New World Record set for Packing Tetrahedra
|A team of researchers recently uncovered a way to pack tetrahedra more densely than ever before. Experiments and computer simulations, like the one shown here, helped the team to obtain the highest packing fraction of 85.03 and to discover the formation of quasicrystals when the tetrahedra were compressed.|
A team of researchers recently uncovered a way to pack tetrahedra, considered to be the simplest shaped regular solids with their four triangular sides, more densely than ever before, breaking a world record for packing the most tetrahedra into a given volume.
Peter Palffy-Muhoray, professor of chemical physics and associate director of the Liquid Crystal Institute at Kent State, and Xiaoyu Zheng, assistant professor in Kent State’s Department of Mathematical Sciences, along with four colleagues at the University of Michigan and one at Case Western Reserve University, published their findings in an article titled “Disordered, quasicrystalline and crystalline phases of densely packed tetrahedra” in the December 10, 2009, issue of Nature.
The researchers were able to obtain the highest packing fraction of 85.03, meaning tetrahedra fill 85.03 percent of the volume of the container. This shattered the previous record of 78.2 percent set by two Princeton University researchers in August 2009.
“The question of how best to pack shapes into a volume is an age-old question,” Palffy-Muhoray said. “Johannes Kepler asked how to pack spheres in the early 1600s, and it was only recently proven in 2005 that the best way is to stack them like cannonballs. It is easy to understand how cubes can entirely fill space with no voids, but the packing problem is still unsolved for the simple tetrahedron. Though it’s a simple object, it can’t fill space like cubes. So, we wondered how hard tetrahedra would pack when you squeezed them together.”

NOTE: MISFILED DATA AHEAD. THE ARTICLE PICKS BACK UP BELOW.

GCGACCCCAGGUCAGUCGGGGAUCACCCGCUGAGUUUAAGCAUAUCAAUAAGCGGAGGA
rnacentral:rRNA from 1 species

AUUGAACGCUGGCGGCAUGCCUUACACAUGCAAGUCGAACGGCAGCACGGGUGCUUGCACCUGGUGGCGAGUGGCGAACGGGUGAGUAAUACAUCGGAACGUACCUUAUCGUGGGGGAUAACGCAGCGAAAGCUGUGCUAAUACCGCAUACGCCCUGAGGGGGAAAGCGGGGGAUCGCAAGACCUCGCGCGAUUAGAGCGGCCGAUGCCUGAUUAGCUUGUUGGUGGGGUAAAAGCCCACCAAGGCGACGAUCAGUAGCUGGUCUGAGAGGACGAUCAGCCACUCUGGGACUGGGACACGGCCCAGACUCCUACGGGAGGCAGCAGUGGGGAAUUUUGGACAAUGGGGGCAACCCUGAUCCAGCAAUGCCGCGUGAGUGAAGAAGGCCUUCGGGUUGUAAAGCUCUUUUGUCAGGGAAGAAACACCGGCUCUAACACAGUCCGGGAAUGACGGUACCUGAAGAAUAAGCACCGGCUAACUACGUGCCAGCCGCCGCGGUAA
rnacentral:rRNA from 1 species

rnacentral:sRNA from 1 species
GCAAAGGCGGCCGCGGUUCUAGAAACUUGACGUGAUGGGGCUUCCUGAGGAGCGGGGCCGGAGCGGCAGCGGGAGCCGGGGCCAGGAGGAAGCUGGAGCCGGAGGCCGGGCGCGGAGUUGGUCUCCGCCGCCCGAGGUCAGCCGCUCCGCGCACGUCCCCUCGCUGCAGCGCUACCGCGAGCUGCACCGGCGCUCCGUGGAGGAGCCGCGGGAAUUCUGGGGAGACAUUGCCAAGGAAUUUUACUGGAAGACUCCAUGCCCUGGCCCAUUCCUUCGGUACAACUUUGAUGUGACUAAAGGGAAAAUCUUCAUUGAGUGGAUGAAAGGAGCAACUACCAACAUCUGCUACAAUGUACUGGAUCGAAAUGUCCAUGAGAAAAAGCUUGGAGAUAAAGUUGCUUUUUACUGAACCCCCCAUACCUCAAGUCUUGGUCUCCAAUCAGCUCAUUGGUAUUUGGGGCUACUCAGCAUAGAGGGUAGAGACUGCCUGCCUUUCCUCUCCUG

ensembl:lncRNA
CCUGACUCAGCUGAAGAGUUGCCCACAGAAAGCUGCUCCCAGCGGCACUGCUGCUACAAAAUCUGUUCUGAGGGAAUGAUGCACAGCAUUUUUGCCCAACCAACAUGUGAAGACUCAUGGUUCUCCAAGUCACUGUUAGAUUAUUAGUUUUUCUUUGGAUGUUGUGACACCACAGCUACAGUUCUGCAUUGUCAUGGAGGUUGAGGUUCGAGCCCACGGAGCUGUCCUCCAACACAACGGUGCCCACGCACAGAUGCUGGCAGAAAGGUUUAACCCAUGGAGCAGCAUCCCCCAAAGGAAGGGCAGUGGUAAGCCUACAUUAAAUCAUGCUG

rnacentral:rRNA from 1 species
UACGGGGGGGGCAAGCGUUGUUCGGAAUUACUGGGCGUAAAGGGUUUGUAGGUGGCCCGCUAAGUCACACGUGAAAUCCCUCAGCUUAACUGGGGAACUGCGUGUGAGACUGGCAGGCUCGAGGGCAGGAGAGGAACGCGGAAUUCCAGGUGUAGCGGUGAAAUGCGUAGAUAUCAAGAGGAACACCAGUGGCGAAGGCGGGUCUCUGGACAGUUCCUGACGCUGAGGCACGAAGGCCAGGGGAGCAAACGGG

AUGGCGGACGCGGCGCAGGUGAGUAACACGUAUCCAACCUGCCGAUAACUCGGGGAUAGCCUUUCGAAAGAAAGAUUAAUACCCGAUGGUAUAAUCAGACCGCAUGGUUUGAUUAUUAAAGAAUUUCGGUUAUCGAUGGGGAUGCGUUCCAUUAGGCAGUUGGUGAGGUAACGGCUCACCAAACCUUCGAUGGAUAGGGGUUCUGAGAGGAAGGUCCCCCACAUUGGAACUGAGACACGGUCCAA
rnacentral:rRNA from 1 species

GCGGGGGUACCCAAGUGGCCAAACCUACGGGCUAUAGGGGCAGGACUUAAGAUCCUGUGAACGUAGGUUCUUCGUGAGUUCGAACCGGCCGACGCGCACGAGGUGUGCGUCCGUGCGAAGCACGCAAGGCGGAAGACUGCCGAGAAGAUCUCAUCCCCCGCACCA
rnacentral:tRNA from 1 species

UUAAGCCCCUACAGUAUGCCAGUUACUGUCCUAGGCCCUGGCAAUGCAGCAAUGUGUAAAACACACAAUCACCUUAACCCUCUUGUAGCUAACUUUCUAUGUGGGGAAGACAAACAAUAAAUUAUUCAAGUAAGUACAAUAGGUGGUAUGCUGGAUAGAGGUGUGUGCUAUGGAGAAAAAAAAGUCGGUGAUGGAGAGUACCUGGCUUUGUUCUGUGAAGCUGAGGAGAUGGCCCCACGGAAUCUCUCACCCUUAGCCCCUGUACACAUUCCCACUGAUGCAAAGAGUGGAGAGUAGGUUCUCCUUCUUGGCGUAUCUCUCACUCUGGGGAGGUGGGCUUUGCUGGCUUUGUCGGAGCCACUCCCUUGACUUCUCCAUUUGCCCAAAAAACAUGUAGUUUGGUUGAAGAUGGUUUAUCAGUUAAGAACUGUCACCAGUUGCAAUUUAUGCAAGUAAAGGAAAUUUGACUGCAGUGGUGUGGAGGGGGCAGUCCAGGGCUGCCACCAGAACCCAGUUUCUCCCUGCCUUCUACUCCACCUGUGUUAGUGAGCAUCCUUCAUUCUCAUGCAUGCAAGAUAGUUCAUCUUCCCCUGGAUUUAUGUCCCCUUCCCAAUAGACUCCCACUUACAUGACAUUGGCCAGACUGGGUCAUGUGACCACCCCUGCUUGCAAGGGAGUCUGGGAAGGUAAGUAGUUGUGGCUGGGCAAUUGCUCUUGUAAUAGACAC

In the process, the Kent State professors and their colleagues discovered that quasicrystals formed when the tetrahedra were compressed.
“A crystal is a material structure which repeats periodically,” Palffy-Muhoray explained. “A quasicrystal is similar, but it doesn’t repeat itself exactly, despite its regularity. It’s something quite new, having been discovered only 25 years ago. Not only did we show that tetrahedra can pack much denser than previously thought, but we also found the most remarkable result: that they form quasicrystals. It’s amazing that the simplest solid — the tetrahedron — forms these intricately complicated, amazingly complex structures. This is the first example of particles forming quasicrystals with no interactions other than hard objects bumping into one another. Entropy, which is often associated with disorder and chaos, can in fact create order.”
Sharon Glotzer, a professor in the University of Michigan’s departments of Chemical Engineering and Materials Science and Engineering who conceived and designed the study together with Palffy-Muhoray, said, “This is the most complex structure we’ve ever seen arising from purely entropic interactions.”
Previous approaches by other researchers began with the geometric constructions and compressing these. Glotzer, Palffy-Muhoray and collaborators started from a random initial structure and compressed it to allow natural evolution toward high-density states. Work began in 2006 with physical experiments being conducted at Kent State involving Palffy-Muhoray and Zheng.
“We carried out experiments here at Kent State using tetrahedral dice to see how densely we could pack them,” Zheng said. “We also constructed various motifs. Then, the key computer simulations were carried out at the University of Michigan. By using a new, ingenious scheme, we were able to achieve 85.03 percent packing. When we first started this work, we did not expect the results that we achieved. This whole project has been very exciting.”
The results of this research and the formation of quasicrystals offer some interesting and exciting possibilities on how it can be used in real-world applications. “This will enable the production of metamaterials, which are manmade materials that don’t exist in nature, with interesting physical and optical properties,” Palffy-Muhoray said. “Applications are far-ranging, including high-resolution imaging useful for microscopy in medicine and materials science. This new packing method could enable the production of new kinds of materials, useful for computer chips, building materials and fabrics.”
Palffy-Muhoray, whose distinguished career includes being elected a Fellow of the American Physical Society in 2008, said this research has been very rewarding. “In trying to understand simple things, you occasionally stumble upon beautiful, complex phenomena,” he said. “This does stand out as one of the most beautiful things we’ve discovered. It’s very satisfying that this simple inquiry would lead to such remarkable results.”
Funding support for this research was provided by an Air Force MURI (Multidisciplinary University Research Initiative) grant to Kent State University and by the National Science Foundation.